top of page

Anyone with Skin Can Get Skin Cancer

Skin Cancer is one of the most frequently diagnosed cancers for women and men in the United States and is one of the top five most diagnosed – and deadliest - cancers in Northeast Colorado. Nationally, 1 in 5 people will develop skin cancer by age 70.

Skin cancer is generally preventable through relatively simple means, and when caught early, also has a high survival rate. Yet, annually, nearly 9,000 people die nationally from the most common type of skin cancer, melanoma, with Colorado ranking above average in these numbers.

Bluntly put, anyone with skin can get skin cancer. People with lighter natural skin tone and lighter natural hair and eye color are at greater risk, but any skin tone is at risk without practicing simple skin protection methods. And while many people may already be aware that skin moles need to be watched for changes, 70-80% of melanomas arise on what otherwise seems to be normal skin.

Most skin cancers are caused by too much exposure to ultraviolet radiation from the sun and tanning beds. UV rays can affect you through clouds, as well as reflect off surfaces like cement, water, and snow – so protection of exposed skin is important all year long in all environments.

The best ways to protect your skin and reduce your risks of developing some form of skin cancer include:

  • Cover your skin! The more skin you cover, the more protection you get, and be sure to include a hat and sunglasses. Even if it is not convenient to wear long sleeves and long pants all the time, cover as much as you can at any given time.

  • Stay in the shade! Even on a cloudy day, UV rays will reach the ground, so a solid shade provider like an awning or umbrella can protect you from too much exposure, especially during the peak sun intensity time of 10am-4pm.

  • Sunscreen! Lotions or gels protect exposed skin by chemical or mineral means. Mineral sunscreens that use zinc oxide or titanium dioxide provide a physical barrier and may be more suitable for sensitive skin. It MUST be reapplied throughout the period of sun exposure to be most effective.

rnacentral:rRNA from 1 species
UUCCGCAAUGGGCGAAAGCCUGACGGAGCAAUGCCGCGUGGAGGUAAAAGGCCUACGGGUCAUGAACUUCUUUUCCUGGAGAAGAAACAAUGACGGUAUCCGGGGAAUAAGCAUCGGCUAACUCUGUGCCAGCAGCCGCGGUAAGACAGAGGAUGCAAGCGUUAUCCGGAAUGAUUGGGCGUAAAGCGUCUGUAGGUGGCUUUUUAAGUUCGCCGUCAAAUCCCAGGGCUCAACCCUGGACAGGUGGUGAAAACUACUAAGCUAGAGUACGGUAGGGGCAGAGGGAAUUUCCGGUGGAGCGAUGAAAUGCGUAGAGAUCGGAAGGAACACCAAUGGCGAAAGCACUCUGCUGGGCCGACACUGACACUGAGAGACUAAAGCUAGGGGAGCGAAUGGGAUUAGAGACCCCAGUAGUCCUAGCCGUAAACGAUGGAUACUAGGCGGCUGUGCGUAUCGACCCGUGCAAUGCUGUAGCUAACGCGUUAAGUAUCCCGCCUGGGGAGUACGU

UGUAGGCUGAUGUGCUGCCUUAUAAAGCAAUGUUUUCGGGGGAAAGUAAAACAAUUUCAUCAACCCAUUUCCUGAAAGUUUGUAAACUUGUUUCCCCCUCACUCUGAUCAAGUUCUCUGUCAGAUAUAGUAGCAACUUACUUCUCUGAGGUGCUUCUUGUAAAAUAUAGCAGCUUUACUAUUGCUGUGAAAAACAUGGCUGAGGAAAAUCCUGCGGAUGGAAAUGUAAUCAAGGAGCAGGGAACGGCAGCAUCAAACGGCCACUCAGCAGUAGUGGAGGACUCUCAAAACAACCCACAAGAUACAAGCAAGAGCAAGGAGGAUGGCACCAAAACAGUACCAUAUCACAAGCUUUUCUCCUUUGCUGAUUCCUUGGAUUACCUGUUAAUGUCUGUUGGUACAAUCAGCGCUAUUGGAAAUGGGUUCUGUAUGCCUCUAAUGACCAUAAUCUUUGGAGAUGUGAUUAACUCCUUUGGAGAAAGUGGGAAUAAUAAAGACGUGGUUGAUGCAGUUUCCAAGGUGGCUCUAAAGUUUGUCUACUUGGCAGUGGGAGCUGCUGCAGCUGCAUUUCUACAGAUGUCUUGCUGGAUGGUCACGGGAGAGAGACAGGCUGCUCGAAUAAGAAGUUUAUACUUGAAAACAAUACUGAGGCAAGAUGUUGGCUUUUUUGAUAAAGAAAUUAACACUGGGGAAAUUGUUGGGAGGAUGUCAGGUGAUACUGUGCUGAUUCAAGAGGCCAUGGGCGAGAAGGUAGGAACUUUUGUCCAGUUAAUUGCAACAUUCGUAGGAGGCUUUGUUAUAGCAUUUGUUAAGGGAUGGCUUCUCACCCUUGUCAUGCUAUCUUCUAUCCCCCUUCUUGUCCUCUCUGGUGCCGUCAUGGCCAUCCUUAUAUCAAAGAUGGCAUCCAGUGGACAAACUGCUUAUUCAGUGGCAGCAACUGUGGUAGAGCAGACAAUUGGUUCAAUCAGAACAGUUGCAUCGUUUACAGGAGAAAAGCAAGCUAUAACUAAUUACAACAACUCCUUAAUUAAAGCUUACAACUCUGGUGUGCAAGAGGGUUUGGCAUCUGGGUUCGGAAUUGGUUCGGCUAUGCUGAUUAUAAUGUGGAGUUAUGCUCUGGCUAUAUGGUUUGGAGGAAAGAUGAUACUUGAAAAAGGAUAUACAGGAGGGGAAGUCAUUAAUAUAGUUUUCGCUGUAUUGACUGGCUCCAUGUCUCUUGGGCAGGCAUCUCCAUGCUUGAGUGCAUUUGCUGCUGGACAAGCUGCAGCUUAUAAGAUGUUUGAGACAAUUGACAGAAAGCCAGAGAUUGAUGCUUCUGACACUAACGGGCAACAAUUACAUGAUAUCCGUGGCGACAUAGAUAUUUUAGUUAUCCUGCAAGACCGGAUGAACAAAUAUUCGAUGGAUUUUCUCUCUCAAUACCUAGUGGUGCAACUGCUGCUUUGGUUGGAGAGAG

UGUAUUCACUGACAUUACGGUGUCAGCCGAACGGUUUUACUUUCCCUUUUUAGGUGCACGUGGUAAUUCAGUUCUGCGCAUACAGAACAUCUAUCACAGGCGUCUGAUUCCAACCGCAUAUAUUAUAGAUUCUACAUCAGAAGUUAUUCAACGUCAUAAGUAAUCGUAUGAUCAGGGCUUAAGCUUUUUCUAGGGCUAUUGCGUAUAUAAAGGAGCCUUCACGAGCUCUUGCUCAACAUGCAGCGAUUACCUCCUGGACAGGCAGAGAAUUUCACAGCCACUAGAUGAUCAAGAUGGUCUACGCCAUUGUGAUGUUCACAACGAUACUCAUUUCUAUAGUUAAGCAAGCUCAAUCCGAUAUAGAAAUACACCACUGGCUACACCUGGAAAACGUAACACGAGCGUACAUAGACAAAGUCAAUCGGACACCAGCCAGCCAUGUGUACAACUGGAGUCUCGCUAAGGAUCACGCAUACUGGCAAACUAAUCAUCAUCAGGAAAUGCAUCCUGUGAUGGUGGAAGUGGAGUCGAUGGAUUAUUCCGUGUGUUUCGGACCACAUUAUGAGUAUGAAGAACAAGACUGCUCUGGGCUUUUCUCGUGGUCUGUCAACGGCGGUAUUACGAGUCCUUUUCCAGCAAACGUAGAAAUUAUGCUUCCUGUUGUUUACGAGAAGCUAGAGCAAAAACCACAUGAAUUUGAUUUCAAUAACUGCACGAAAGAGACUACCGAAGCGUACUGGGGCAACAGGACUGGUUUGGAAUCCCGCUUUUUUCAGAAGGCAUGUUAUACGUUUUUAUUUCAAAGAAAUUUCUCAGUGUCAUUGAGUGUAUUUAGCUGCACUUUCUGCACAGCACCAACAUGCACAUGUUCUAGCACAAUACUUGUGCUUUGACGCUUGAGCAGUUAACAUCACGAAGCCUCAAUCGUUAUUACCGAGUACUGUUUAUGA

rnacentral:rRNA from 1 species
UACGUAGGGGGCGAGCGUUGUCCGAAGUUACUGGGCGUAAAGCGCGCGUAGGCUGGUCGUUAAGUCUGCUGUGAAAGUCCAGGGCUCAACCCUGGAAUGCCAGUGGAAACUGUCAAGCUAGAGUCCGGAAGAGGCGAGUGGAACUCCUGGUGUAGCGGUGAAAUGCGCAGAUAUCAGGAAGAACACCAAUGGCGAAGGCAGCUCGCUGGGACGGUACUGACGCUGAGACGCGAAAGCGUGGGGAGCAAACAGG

None of these methods will work 100% on their own so the best protection is using them all together. Sunscreen should be applied to all exposed skin in a thick layer, and reapplied every 2 hours or after swimming, sweating, or washing – don’t forget the back of your hands and the top of your feet!

Although skin cancer is more common in older adults, children and young adults are still at risk for skin cancer. Children and young adults often spend more time unprotected in the sun. Develop good sun protection habits during your child’s early years by providing them with hats and clothing coverage, helping them apply sunscreen to exposed skin, and encouraging care providers to also be prepared for recess and outdoor activities. Childhood sunburns are painful when they happen but are also another significant risk factor for developing skin cancer later in life.

Early detection is as important in managing skin cancer as any other type of cancer or disease. Unlike other cancers, though, skin cancer develops on the outside and changes are usually visible. When caught early, skin cancers are highly curable, so get to know your skin by checking periodically. Check existing moles for changes to color, shape, size, and the border. Examine your skin head to toe monthly for changes in coloration and texture such as a new or changing growth on the skin, a spot or sore that itches, bleeds, or fails to heal, even a transparent patch of scaly skin that wasn’t there before; if you see anything new, changing, or unusual report it to your health care provider right away. Don’t forget to check your scalp even if you have hair and use a hand mirror for hard to see places.

Spending time outside in the sun working or playing is a huge part of our Colorado lifestyle and can be beneficial for physical and mental health. Take simple measures to reduce your risk for skin cancer and proceed outdoors with confidence.

13 views0 comments

Recent Posts

See All


bottom of page